Following this post as a reference, I'm able to run a find and sed command without it throwing an error, but the filenames remain unchanged.

Trying to strip pronunciation_de_ from all mp3s in the current directory:


Before troubleshooting the command, here's a quick sanity check: find . -name "*.mp3"
It returns all the mp3s in the current directory. Continuing on now that we know this part works...

sed --version returns sed (GNU sed) 4.4

I run find . -name "*.mp3" -exec sed -i 's/pronunciation_de_//g' {} \;

To make sure I'm fully understanding what's happening:

find . runs the find command in the current directory.
-name "*.mp3" returns any .mp3 filetypes.
-exec executes the next command you type.
sed -i The -i switch means work on the actual files, not a (temporary) copy.

For 's/old_word/new_word/g':

  • The s sets sed to substitute mode.
  • /old_word is the word you want to replace.
  • /new_word is the word you want to replace with. In my example it'll be blank.
  • /g apply the replacement to all matches (not just the first).

{} this string will be replaced by the filename during every iteration.
\; the semicolon terminates the find command. The backslash escapes the semicolon character in case the shell tries to interpret it literally.

Most of this information I'm getting from random blogs and Stack Exchange posts:

Understanding the -exec option of find
What is meaning of {} + in find's -exec command?

I really wanted to take my time and experiment and research before posting this almost-certainly-duplicate question but I'm completely stuck!

  • 4
    sed does not rename files, it replaces text inside them; it is possible, but unlikely, that your MP3 files are now corrupted. Jul 19, 2019 at 5:41
  • It's ok, I backed them up before experimenting. Jul 19, 2019 at 5:42
  • 2
    Read man rename for what you are actually looking for
    – Philippos
    Jul 19, 2019 at 5:52
  • @Philippos dear god, I spent a few hours reading blogs and experimenting only to discover that what I was attempting was futile. Thanks for the tip. I read the man page and got it done in less than 20 seconds. Curious, in the first link I made in my post, some who commented reported it works for them. Jul 19, 2019 at 6:30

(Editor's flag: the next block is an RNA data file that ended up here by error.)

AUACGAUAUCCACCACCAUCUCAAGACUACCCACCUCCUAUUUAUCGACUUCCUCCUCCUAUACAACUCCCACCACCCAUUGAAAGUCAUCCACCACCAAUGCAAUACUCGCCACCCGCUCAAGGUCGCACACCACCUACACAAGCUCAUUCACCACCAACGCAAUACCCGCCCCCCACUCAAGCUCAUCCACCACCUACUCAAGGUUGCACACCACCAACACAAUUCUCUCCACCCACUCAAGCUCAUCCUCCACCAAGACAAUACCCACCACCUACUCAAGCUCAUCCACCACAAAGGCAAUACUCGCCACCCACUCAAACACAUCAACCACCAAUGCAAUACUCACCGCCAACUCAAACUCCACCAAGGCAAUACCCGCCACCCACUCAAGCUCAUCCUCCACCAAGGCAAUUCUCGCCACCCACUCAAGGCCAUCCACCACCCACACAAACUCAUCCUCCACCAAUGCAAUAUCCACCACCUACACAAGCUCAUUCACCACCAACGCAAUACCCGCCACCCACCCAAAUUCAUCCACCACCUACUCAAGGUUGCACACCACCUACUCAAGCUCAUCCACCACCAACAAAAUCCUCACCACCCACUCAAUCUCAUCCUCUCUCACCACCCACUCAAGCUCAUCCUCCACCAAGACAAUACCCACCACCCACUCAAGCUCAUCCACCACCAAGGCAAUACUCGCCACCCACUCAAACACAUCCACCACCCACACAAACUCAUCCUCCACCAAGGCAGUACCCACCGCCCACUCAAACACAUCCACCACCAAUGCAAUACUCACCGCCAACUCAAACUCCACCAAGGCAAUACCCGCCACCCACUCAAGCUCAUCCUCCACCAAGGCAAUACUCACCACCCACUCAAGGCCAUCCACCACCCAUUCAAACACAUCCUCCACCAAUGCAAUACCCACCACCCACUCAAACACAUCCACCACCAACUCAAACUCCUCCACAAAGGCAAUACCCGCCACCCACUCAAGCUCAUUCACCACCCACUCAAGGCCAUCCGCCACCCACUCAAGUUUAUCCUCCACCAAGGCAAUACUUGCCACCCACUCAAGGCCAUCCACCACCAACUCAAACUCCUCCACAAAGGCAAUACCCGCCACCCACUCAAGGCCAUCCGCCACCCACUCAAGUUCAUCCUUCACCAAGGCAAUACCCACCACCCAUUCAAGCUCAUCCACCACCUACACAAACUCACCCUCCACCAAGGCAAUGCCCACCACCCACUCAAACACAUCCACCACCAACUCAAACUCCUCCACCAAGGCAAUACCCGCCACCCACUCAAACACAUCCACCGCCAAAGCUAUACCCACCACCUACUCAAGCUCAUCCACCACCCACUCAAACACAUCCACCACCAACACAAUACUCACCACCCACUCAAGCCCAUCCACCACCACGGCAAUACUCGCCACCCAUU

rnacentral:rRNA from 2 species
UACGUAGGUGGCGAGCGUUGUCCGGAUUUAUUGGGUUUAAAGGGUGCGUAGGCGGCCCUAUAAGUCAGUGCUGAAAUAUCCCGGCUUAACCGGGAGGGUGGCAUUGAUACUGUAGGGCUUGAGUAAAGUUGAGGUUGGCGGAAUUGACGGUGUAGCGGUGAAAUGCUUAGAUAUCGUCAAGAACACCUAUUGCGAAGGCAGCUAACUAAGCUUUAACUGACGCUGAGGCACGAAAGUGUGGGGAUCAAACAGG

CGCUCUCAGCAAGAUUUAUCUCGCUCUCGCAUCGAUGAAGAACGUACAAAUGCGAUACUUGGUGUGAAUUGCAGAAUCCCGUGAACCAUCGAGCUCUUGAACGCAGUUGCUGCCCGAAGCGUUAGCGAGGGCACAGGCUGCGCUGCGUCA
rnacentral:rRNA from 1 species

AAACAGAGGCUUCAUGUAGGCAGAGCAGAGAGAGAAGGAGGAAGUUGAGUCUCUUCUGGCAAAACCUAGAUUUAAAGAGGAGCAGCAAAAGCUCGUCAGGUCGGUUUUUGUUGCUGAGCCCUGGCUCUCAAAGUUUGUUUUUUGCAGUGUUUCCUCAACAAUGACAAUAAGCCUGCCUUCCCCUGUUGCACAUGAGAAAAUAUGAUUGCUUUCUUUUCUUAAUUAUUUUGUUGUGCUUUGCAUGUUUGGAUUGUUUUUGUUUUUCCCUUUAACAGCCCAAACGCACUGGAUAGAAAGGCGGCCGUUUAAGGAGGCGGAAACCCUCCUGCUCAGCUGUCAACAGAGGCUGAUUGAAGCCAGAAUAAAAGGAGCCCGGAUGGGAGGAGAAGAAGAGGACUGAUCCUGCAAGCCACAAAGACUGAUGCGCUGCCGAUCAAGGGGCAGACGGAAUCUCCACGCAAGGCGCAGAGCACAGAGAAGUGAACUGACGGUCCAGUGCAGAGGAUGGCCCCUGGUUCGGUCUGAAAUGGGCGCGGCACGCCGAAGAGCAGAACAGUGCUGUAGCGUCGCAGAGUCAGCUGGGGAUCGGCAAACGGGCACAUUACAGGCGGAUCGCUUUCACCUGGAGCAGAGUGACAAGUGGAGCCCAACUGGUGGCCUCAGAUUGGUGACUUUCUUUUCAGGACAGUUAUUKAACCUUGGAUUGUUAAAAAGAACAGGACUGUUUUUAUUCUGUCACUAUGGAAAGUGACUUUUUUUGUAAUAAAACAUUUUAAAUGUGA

• 3
    Surely it did help them, because they are doing something completely different: They don't want to rename files, but change words inside of files. And for this purpose find with exec and sed is the perfect combination. (-: Glad I could help, anyhow.
    – Philippos
    Jul 19, 2019 at 6:41

2 Answers 2


You can use find -exec ... to do the replacement in a one-line shell script.

find . -name "*.mp3" -type f -exec bash -c 'mv "$1" "${1/pronunciation_de_}"' bash {} \;

The filename {} is passed as parameter $1 to the executed bash process and ${1/pronunciation_de_} makes use of bash's parameter expansion capabilities and replaces the first occurrence of pronunciation_de_ in $1 with an empty string.

Additional option -type f makes sure to match only regular files.

  • You don't have to launch so many bash processes with: -exec bash 'for file; do mv "$file" "${file%pronunciation_de_}"; done' bash {} + Jul 19, 2019 at 12:26
  • Note that if there is a subdirectory called, e.g., pronunciation_de_files, then this will remove the wrong substring from the pathnames.
    – Kusalananda
    Apr 6, 2020 at 7:10
  • @glennjackman The % in the parameter expansion in your comment removes a suffix string, not a prefix string.
    – Kusalananda
    Apr 6, 2020 at 7:11

If you want to remove the pronunciation_de_ prefix from all files with names that end in .mp3, then you should search for files with names matching pronunciation_de_*.mp3 to be sure that you don't modify other filenames by mistake (however unlikely this may be).

Don't use line-oriented text-editing tools like sed on filenames. The shell knows how to delete prefix and suffix strings from filenames efficiently.

By using find, you could solve your issue with

find . -type f -name 'pronunciation_de_*.mp3' -exec sh -c '
    for pathname do
        newname=${pathname##*/}              # removes directory path, leaves filename
        newname=${newname#pronunciation_de_} # deletes the prefix string

        mv -i "$pathname" "${pathname%/*}/$newname"
    done' sh {} +

The find command generates pathnames of files that pass the -type and -name tests and gives these in batches to a short inline sh -c script.

This script iterates over the given pathnames, and for each pathname it creates a new name by

  1. removing the initial directory path, turning a pathname like ./some/path/pronunciation_de_werden.mp3 into pronunciation_de_werden.mp3, and then
  2. removing the prefix string pronunciation_de_, turning pronunciation_de_werden.mp3 into werden.mp3.

The mv command renames the original file by moving it to the new name in the original directory (${pathname%/*} will expand to the original pathname's directory path).

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